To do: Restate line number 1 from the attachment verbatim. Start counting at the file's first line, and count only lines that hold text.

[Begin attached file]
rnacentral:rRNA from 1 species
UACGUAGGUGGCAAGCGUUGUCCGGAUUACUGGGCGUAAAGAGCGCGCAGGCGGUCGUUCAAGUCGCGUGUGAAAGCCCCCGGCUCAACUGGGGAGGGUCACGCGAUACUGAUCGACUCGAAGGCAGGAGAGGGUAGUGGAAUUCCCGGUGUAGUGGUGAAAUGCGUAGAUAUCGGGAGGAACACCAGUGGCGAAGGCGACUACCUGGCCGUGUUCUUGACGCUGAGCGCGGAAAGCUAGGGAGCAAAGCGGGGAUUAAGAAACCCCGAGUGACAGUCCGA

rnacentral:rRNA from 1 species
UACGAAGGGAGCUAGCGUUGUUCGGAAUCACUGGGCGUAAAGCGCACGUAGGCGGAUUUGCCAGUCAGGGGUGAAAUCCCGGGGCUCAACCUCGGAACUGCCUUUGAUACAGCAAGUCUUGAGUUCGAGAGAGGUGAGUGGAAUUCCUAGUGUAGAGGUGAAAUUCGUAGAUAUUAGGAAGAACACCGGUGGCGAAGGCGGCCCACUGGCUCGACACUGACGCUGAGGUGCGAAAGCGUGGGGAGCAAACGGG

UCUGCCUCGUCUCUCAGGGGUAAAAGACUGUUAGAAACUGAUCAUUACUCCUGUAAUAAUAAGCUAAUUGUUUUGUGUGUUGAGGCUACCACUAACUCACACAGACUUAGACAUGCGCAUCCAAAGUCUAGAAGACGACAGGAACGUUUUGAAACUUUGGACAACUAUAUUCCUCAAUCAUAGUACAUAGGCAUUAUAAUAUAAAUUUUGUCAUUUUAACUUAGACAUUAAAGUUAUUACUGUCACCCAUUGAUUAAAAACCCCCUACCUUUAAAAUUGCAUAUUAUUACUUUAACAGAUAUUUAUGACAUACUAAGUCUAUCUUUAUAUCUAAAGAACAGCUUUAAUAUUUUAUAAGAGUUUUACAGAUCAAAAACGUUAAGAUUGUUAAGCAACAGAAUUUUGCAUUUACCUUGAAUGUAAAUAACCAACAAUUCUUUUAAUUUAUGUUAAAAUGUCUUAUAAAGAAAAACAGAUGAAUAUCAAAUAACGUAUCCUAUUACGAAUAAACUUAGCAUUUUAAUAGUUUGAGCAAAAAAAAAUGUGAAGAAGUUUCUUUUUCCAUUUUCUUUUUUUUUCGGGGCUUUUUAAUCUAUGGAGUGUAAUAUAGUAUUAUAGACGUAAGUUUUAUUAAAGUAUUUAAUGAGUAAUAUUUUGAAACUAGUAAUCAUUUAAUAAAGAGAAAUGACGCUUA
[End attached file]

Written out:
rnacentral:rRNA from 1 species